Monday, October 22, 2007

Scanned! Libraries See the Folly in Proprietary Programs

The Open Content Alliance was established as a non-profit, non-proprietary program to aid libraries in developing their own book scanning efforts. It was partially a reaction to the far more renowned Google book program but some could argue it was a logical extension of the work of the Internet Archive program that the OCA founder Brewster Kahle also established. There are fundamental differences between the OCA approach and other digitization programs: Firstly, the library pays OCA for the scan, secondly, the content is limited to out of copyright material and thirdly, the library has no restriction on what is done with the scan.

This morning the NYTimes examines the developing resistance to commercial digitization programs such as Google and Microsoft and uses as an example the decision by a consortium of Massachusetts libraries not to go commercial.
But the resistance from some libraries, like the Boston Public Library and the Smithsonian Institution, suggests that many in the academic and nonprofit world are intent on pursuing a vision of the Web as a global repository of knowledge that is free of business interests or restrictions. Even though Google’s program could make millions of books available to hundreds of millions of Internet users for the first time, some libraries and researchers worry that if any one company comes to dominate the digital conversion of these works, it could exploit that dominance for commercial gain.
But Google continues to add libraries to their digitization program with regularity and why this continues is not really discussed here. Within the library community the disquiet regarding the Google program has been growing all year and the discussion as been as much about the restrictions as it has about the quality of the scans themselves. Less has been said about public trust and this aspect is not directly addressed in the Times article either.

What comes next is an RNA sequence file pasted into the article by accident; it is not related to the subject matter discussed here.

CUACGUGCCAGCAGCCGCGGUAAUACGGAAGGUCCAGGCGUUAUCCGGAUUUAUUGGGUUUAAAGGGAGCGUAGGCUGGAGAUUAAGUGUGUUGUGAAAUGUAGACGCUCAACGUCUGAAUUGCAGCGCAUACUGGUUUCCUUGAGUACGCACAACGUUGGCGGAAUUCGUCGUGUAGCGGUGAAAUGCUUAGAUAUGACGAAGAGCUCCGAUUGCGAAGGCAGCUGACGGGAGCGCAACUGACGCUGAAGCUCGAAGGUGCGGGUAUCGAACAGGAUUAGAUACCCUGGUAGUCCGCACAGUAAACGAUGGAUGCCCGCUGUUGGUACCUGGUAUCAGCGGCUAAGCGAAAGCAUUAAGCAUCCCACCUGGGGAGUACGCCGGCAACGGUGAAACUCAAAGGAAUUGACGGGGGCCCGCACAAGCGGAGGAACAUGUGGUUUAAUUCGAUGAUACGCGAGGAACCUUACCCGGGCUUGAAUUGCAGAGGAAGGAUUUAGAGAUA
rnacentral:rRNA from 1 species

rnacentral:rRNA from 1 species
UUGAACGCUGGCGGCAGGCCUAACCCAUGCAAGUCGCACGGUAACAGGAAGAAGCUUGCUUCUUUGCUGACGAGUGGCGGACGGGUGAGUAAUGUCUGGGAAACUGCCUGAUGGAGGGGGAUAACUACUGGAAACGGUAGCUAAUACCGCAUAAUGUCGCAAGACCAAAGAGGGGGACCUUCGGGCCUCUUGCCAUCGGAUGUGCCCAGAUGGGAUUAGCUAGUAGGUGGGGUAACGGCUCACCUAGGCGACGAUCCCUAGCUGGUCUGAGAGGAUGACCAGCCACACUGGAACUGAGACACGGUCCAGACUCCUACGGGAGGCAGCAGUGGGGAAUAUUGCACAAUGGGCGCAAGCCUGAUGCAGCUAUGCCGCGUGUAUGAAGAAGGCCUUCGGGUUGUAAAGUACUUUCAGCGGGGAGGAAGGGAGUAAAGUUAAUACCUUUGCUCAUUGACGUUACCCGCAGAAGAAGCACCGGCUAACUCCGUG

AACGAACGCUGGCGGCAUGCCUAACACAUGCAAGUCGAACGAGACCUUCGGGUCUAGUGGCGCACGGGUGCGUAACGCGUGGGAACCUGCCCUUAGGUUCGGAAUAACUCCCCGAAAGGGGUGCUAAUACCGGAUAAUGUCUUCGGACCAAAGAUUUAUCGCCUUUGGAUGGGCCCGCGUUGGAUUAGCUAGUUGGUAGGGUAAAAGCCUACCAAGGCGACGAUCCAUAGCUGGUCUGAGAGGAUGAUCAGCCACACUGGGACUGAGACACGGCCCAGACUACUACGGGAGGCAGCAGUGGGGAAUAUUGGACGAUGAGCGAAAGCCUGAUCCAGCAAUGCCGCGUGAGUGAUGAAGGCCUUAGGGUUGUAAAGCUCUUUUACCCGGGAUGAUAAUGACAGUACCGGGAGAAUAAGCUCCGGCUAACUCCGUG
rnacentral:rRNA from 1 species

As repositories of our collective knowledge and most often as beneficiaries of our tax revenues or public donations, libraries have an obligation to ensure that the general public has ready access to the content collected on our behalf. Perhaps this is a controversial point and perhaps this thought it not directly applicable in an academic context (unless it is a public institution) but the President of the Boston Public Library obliquely references this point when he says in the article:
"We understand the commercial value of what Google is doing, but we want to be able to distribute materials in a way where everyone benefits from it,” said Bernard A. Margolis, president of the Boston Public Library, which has in its collection roughly 3,700 volumes from the personal library of John Adams.
So what of the libraries in the Google program? Some are having second thoughts, some are entirely happy and some have made it work to their advantage. Generally, speaking it appears that everyone believes that all library content will eventually be freely accessible. If that means that works will have to be scanned again for those works that have restrictions placed on them by the original scanner then so be it. Since this second effort is likely to take some time, this content may be available in digitized form at a network level in advance as more and more libraries take advantage of 'open' programs like OCA.

I was intrigued by the last sentence of the article:
On Wednesday the Internet Archive announced, together with the Boston Public Library and the library of the Marine Biological Laboratory and Woods Hole Oceanographic Institution, that it would start scanning out-of-print but in-copyright works to be distributed through a digital inter library loan system.
"digital interlibrary loan system" sounds very interesting.

1 comment:

Adam Hodgkin said...

On the other hand....

"Before we get to digital interlibrary loans we are going to have campus to campus digital walk-in access......"

Some thoughts on this here: